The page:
It's the main level of the shell script.
FUNCNAME itself seems specific to Bash, and its man page says this:
An array variable containing the names of all shell functions currently in the execution call stack. The element with index 0 is the name of any currently-executing shell function.
The bottom-most element (the one with the highest index) is "main". This variable exists only when a shell function is executing.
Which means it could get confusing too, since e.g. this script:
declare -p FUNCNAME;
declare -a FUNCNAME=(="foo" ="main" ="main")
even though the two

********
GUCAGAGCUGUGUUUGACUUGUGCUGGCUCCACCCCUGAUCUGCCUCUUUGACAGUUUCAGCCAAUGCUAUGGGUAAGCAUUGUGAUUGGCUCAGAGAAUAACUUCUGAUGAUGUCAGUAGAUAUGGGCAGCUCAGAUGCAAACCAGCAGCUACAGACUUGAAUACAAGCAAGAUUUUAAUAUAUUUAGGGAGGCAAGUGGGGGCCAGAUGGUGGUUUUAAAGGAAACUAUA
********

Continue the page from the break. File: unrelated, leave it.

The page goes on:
mains are not the same function.
Note that it's not that far-fetched to explicitly create a function called
main. Having a dedicated main function might help with structuring the code, since it's probably easier to read a script where the main program is in one place and not perhaps scattered here and there on the top level between other function definitions.
There's also the idiom of putting everything in functions and calling
main "$@"; exit on the main level to make sure that if the script file is modified during execution, it won't affect the running script. See: How to read the whole shell script before executing it?
I don't know why Bash has chosen to use
main there, instead of something that would stand out more, like the
__main__ that Python uses for a similar use.